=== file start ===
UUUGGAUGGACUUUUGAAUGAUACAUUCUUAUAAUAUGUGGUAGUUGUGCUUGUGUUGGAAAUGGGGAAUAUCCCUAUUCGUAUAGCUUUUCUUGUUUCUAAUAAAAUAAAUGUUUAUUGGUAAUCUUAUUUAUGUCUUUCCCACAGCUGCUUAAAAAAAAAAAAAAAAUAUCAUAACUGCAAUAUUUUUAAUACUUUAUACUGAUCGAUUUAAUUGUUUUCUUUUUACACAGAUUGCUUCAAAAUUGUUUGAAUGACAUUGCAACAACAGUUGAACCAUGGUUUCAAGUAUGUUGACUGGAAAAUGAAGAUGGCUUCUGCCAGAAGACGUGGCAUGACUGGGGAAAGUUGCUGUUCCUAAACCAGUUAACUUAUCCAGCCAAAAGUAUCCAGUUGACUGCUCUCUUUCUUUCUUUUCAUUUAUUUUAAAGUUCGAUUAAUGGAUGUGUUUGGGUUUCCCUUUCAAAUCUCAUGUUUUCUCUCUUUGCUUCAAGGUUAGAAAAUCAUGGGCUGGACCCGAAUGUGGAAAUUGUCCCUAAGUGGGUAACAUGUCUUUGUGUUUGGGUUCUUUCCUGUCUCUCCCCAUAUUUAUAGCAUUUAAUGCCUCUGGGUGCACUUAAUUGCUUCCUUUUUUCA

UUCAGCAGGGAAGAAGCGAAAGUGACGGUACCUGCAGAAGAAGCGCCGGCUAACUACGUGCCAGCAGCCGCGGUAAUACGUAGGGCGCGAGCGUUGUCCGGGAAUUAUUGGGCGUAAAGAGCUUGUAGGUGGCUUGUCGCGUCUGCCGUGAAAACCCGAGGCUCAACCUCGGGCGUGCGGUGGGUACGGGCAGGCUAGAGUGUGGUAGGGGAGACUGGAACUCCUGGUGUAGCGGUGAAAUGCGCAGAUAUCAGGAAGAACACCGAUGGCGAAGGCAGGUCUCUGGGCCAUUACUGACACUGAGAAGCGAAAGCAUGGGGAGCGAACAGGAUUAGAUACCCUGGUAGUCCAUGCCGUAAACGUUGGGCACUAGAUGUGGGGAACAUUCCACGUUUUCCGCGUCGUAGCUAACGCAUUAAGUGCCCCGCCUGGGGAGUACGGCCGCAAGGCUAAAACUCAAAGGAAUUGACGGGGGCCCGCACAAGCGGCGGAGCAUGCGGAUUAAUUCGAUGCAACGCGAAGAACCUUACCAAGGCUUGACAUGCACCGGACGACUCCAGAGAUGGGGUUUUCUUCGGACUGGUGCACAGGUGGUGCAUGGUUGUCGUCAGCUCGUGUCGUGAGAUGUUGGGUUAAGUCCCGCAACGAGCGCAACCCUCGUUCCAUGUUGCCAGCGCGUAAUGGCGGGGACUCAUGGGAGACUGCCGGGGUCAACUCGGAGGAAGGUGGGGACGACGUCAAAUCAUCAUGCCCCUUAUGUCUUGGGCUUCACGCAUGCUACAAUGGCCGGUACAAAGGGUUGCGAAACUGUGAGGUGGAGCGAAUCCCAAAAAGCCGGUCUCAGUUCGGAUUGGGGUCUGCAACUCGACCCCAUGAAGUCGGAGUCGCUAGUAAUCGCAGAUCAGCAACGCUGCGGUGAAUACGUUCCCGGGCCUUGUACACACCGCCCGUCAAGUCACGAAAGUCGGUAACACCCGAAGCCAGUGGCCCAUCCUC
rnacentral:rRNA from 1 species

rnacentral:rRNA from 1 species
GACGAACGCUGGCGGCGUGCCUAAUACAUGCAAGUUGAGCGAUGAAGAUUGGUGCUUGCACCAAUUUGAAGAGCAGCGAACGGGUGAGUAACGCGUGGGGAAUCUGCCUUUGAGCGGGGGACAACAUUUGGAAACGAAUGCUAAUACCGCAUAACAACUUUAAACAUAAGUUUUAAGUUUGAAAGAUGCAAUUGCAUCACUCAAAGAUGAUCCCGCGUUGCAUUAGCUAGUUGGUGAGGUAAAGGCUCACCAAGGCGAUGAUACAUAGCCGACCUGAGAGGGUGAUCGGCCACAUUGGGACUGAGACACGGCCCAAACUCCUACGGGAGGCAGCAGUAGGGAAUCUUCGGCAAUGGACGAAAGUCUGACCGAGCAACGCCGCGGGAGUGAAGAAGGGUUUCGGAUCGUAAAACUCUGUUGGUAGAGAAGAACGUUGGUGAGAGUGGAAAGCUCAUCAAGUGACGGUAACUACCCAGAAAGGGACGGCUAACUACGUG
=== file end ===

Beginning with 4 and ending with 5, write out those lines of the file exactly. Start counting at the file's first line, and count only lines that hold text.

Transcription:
rnacentral:rRNA from 1 species
GACGAACGCUGGCGGCGUGCCUAAUACAUGCAAGUUGAGCGAUGAAGAUUGGUGCUUGCACCAAUUUGAAGAGCAGCGAACGGGUGAGUAACGCGUGGGGAAUCUGCCUUUGAGCGGGGGACAACAUUUGGAAACGAAUGCUAAUACCGCAUAACAACUUUAAACAUAAGUUUUAAGUUUGAAAGAUGCAAUUGCAUCACUCAAAGAUGAUCCCGCGUUGCAUUAGCUAGUUGGUGAGGUAAAGGCUCACCAAGGCGAUGAUACAUAGCCGACCUGAGAGGGUGAUCGGCCACAUUGGGACUGAGACACGGCCCAAACUCCUACGGGAGGCAGCAGUAGGGAAUCUUCGGCAAUGGACGAAAGUCUGACCGAGCAACGCCGCGGGAGUGAAGAAGGGUUUCGGAUCGUAAAACUCUGUUGGUAGAGAAGAACGUUGGUGAGAGUGGAAAGCUCAUCAAGUGACGGUAACUACCCAGAAAGGGACGGCUAACUACGUG